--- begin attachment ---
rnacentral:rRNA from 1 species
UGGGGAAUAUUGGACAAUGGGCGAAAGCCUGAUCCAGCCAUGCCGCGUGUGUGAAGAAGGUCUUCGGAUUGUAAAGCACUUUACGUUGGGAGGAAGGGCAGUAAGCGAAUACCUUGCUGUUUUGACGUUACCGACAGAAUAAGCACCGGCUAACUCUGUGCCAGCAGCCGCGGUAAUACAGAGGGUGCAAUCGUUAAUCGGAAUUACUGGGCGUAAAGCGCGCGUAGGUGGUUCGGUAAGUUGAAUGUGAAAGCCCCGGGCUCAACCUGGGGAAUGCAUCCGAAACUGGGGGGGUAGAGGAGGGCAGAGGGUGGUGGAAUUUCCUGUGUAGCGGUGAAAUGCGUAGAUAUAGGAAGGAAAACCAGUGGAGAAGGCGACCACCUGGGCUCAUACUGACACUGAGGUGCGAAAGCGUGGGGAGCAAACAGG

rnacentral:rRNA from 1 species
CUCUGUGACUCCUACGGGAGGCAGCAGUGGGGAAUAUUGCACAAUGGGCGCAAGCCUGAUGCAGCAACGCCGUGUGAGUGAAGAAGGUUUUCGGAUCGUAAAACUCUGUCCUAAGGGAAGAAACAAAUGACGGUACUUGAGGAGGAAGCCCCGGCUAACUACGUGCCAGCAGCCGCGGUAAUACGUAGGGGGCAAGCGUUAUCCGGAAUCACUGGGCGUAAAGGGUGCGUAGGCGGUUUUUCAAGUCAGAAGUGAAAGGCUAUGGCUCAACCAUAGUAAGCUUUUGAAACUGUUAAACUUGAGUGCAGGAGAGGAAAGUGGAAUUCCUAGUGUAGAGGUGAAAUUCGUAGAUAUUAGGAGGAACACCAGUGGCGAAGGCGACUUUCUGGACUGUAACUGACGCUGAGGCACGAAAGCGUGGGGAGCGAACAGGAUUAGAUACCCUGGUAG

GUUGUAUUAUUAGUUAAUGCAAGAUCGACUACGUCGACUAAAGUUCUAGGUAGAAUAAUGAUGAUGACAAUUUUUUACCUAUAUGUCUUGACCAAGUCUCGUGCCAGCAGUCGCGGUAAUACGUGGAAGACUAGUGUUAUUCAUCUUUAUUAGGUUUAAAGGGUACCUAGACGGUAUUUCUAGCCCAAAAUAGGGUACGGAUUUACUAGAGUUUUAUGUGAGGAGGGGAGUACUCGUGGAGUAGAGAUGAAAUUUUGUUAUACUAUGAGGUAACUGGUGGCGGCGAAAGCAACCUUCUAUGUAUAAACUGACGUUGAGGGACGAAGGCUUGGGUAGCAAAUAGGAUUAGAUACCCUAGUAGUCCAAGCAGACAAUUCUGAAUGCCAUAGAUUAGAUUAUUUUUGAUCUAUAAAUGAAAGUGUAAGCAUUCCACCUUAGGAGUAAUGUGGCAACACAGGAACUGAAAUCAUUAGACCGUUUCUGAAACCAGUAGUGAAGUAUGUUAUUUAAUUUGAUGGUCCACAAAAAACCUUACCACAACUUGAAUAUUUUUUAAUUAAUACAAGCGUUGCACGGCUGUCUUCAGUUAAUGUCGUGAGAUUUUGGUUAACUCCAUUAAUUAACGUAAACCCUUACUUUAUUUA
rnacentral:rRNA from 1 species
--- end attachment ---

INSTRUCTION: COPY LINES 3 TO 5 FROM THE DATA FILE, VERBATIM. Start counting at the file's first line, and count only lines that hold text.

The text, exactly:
rnacentral:rRNA from 1 species
CUCUGUGACUCCUACGGGAGGCAGCAGUGGGGAAUAUUGCACAAUGGGCGCAAGCCUGAUGCAGCAACGCCGUGUGAGUGAAGAAGGUUUUCGGAUCGUAAAACUCUGUCCUAAGGGAAGAAACAAAUGACGGUACUUGAGGAGGAAGCCCCGGCUAACUACGUGCCAGCAGCCGCGGUAAUACGUAGGGGGCAAGCGUUAUCCGGAAUCACUGGGCGUAAAGGGUGCGUAGGCGGUUUUUCAAGUCAGAAGUGAAAGGCUAUGGCUCAACCAUAGUAAGCUUUUGAAACUGUUAAACUUGAGUGCAGGAGAGGAAAGUGGAAUUCCUAGUGUAGAGGUGAAAUUCGUAGAUAUUAGGAGGAACACCAGUGGCGAAGGCGACUUUCUGGACUGUAACUGACGCUGAGGCACGAAAGCGUGGGGAGCGAACAGGAUUAGAUACCCUGGUAG

GUUGUAUUAUUAGUUAAUGCAAGAUCGACUACGUCGACUAAAGUUCUAGGUAGAAUAAUGAUGAUGACAAUUUUUUACCUAUAUGUCUUGACCAAGUCUCGUGCCAGCAGUCGCGGUAAUACGUGGAAGACUAGUGUUAUUCAUCUUUAUUAGGUUUAAAGGGUACCUAGACGGUAUUUCUAGCCCAAAAUAGGGUACGGAUUUACUAGAGUUUUAUGUGAGGAGGGGAGUACUCGUGGAGUAGAGAUGAAAUUUUGUUAUACUAUGAGGUAACUGGUGGCGGCGAAAGCAACCUUCUAUGUAUAAACUGACGUUGAGGGACGAAGGCUUGGGUAGCAAAUAGGAUUAGAUACCCUAGUAGUCCAAGCAGACAAUUCUGAAUGCCAUAGAUUAGAUUAUUUUUGAUCUAUAAAUGAAAGUGUAAGCAUUCCACCUUAGGAGUAAUGUGGCAACACAGGAACUGAAAUCAUUAGACCGUUUCUGAAACCAGUAGUGAAGUAUGUUAUUUAAUUUGAUGGUCCACAAAAAACCUUACCACAACUUGAAUAUUUUUUAAUUAAUACAAGCGUUGCACGGCUGUCUUCAGUUAAUGUCGUGAGAUUUUGGUUAACUCCAUUAAUUAACGUAAACCCUUACUUUAUUUA